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Unanswered Questions from the 2010 International AIDS Conference

Written By: Oriana Lopez
July 26, 2010

 

Last week, I had the opportunity to be part of the delegation at the International AIDS Conference held in Vienna. Early in the week I got to participate in an intergenerational dialogue, organized by the International Women’s Health Coalition. A couple of important questions were raised by one of the established women leaders there, but because of the dynamics of the dialogue they were left unanswered.

Two questions that have stuck with me were, to paraphrase, “Why are young people asking for spaces to be heard? Why is it so important that youth is involved in the HIV response and in the women’s movement?”

I have been thinking about them the whole week, mainly because I didn’t have an easy answer. In this post I am going to try to elaborate a little bit about the issues that these questions brought up for me.

I would like to begin with the feeling that started from the Vienna YouthForce Pre-Conference, held on July 16th. I’m starting to feel too old to be part of the youth movement, and this was actually my last chance to be part of the youth pre-conference since it’s meant for youth up to 26 years old only. And if I’m not part of the youth movement anymore, then where should I be?

At the youth pre-conference the organizers decided that the main 3 topics that we should address during the conference should be: human rights, health resources, and harm reduction (also known as “the 3H”).

Even though I think those issues are important and there should be people advocating for them, I really don’t think that those are my strongest or most deeply felt topics. My passion is sexuality, and that is why I advocate for sexual and reproductive rights and health.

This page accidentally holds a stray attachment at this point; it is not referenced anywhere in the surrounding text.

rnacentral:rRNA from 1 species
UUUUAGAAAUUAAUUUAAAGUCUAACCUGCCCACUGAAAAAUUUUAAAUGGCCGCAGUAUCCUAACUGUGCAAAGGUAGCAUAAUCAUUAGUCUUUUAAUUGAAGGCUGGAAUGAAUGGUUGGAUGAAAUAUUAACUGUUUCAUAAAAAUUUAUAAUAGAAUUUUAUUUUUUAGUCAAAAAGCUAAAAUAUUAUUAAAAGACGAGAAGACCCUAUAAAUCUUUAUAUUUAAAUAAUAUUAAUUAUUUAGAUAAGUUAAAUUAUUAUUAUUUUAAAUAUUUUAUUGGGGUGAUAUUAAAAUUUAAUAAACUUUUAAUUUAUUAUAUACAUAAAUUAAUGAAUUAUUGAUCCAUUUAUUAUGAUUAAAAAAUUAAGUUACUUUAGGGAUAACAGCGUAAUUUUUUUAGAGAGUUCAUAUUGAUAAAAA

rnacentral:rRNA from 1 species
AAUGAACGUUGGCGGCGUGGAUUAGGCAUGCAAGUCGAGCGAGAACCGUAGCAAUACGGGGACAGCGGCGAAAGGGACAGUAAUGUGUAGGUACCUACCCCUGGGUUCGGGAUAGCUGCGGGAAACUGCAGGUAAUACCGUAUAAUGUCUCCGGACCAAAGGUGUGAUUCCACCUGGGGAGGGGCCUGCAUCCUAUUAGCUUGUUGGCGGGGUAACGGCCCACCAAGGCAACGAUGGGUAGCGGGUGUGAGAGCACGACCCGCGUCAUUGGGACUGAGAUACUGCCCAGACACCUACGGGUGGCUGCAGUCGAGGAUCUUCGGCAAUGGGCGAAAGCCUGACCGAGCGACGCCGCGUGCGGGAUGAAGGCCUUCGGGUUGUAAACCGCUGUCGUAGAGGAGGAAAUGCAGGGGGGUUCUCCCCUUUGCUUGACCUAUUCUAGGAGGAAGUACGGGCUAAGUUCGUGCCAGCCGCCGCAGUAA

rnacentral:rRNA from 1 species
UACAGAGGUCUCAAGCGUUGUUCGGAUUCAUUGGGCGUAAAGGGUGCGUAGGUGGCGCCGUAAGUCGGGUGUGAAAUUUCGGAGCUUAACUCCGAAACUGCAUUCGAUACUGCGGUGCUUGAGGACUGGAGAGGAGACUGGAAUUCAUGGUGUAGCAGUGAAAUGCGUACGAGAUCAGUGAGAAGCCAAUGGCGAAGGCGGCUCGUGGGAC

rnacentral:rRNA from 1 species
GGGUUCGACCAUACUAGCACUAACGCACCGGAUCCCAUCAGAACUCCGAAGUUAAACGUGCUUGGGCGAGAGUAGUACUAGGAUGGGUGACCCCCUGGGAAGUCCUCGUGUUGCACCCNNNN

Once the conference started on July 18th, I was participating in both youth and women’s activities. Sadly, I realized that the youth activities were only about youth participation, and not about the tackling issues that the conference addresses from a youth perspective. It was weird to feel that I was only worthy for being youth and that’s it, that there was nothing I or other youth organizers could say in order to improve, enhance, or push forward the agenda on HIV response. Youth are supposed to be there and participate, but to do what? To help? To decorate? To be festive?

During the week of the conference I had the opportunity to connect with some other emerging female leaders that felt the same way about being too old for the youth movement but also knowing that we still don’t have a space in the movement that fit us perfectly. So I felt supported somehow, maybe just by knowing that I’m not the only one.

The whole week I carried two t-shirts in my bag, one for the Vienna YouthForce and the one for the Women’s Rights movement. I believe that we need to have a real integration strategy for the HIV response that could include all of us, so then we work on the issues we are really passionate about, instead of spending most of our time defending our identities.

I don’t want to be heard just because I’m a young woman. I want to be heard because I have been working for 11 years on the sexual and reproductive rights and health agenda and the HIV response, because I hear on daily basis what women need and how their rights are being neglected, because I want to make this world safer place for women all over the world, and because I think that I can help on the sustainability of the movement.

Oriana Lopez runs the MARIA Abortion Fund for Social Justice in Mexico and is an alumna of IWHC’s Advocacy in Practice Training.

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